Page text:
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"What's Judaism"

by Jason Robie... (webmaster)


"What's Judaism" is a surprisingly complicated question to answer! It turns out the actual definition, in the purest sense of the word, is simply the “religion of the Jewish people.” However, as you can imagine, there is a bit more to it than that. Heck, you are visiting a website that dedicates significant space to the very definition. In order to understand it more, let's dig back into the history a bit and see if we can make a little more sense of it.

If we agree that Judaism is the religion of the Jewish people throughout the 3,000 year Jewish history, you can safely assume that it has had its share of alterations and changes. In order to establish a baseline though, let's focus on the things that have not changed in that history.

First is the observance of the Sabbath on Saturdays. This is the weekly holy day and has not wavered since the beginning. There are also a handful of Jewish holidays that have stood the test of time. Some of those include Rosh Ha-Shanah; Yom Kippur; Passover; Sukkot; Shavuot and Tisha B'Av (a remembrance holiday), reverence for the Land of Israel, Jewish history and the Torah have also maintained their place as staples of the religion. Finally is the love for God, Israel, and the Jewish people.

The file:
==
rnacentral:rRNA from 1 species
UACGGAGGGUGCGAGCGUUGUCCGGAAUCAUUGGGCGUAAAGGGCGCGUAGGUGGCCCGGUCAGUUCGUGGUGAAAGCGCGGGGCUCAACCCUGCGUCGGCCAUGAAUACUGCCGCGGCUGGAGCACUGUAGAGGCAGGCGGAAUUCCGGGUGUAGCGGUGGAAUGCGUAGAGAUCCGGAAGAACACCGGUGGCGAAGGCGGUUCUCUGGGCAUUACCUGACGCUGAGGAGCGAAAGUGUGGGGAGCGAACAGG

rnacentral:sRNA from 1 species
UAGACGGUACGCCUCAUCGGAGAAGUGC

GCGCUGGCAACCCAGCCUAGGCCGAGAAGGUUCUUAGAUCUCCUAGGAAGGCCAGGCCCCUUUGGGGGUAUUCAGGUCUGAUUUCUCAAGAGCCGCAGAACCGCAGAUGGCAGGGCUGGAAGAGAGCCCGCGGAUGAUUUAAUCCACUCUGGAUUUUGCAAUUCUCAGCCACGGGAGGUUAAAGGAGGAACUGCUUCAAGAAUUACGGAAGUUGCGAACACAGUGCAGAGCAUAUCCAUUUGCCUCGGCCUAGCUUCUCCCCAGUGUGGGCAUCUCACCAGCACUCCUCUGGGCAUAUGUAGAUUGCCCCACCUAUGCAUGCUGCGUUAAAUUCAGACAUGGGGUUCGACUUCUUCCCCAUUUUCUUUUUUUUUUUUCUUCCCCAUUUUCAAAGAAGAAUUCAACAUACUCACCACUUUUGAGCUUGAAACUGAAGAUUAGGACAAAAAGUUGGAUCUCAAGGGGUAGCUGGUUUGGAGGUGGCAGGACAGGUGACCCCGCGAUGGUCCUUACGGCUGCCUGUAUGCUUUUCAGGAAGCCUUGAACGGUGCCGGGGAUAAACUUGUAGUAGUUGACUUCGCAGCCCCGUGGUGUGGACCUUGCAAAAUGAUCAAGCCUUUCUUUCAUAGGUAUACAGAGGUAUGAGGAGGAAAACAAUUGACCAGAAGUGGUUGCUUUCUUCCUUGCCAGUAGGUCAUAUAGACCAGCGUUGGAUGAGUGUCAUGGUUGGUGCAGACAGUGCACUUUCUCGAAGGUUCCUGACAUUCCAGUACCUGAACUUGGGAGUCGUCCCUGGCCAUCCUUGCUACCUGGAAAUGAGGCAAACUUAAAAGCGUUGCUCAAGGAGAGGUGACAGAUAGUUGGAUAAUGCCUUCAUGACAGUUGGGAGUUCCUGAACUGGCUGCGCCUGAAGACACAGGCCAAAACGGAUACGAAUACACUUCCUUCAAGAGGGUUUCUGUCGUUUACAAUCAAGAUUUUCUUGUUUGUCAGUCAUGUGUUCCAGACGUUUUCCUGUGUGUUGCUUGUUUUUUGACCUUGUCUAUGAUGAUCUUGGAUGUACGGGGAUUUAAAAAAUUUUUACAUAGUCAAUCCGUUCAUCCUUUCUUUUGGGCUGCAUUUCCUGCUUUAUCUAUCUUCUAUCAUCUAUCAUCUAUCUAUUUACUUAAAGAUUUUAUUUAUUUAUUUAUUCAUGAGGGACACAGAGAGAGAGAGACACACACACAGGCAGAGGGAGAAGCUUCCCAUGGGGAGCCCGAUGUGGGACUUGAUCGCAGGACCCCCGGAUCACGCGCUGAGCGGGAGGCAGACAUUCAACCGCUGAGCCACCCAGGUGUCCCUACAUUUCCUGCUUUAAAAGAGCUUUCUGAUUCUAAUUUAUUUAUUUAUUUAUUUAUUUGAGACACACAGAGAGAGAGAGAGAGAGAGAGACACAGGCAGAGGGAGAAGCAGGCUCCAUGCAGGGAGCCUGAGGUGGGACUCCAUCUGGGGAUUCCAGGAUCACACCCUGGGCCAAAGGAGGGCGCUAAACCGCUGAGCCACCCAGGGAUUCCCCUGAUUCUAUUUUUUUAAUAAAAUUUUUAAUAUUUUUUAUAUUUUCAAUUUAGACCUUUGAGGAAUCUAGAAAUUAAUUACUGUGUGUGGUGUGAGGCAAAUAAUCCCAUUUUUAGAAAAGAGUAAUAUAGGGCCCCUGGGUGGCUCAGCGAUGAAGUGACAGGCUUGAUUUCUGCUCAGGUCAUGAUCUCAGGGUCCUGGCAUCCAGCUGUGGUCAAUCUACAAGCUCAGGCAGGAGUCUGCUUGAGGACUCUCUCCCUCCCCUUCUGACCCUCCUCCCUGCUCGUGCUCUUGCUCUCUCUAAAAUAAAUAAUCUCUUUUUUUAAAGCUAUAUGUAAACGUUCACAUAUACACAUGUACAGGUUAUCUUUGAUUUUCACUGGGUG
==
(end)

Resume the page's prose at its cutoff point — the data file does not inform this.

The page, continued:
Moving on to the variations, it would serve the seeker well to do a bit of research from the "30,000 foot" view. As with Christianity’s many tracks, there are various paths one could seek out in order to answer the question of “What's Judaism.” There are many varieties of Rabbinical Judaism today. For example, Ultra-orthodox and Hassidic, Orthodox, Conservative, Reform/Liberal, Reconstructionist, and Renewal are all "subsets" of Rabbinical Judaism.

But there were other, earlier as well as much earlier versions of Judaism, before the Rabbis’ times. I’ll discuss them in subsequent postings!

As you can see from just this "tip of the iceberg" exploration, there is a lot more to sift through in order to answer the question "What's Judaism." Many parts of the Jewish religion have changed and adjusted over the years while other things have stayed consistent.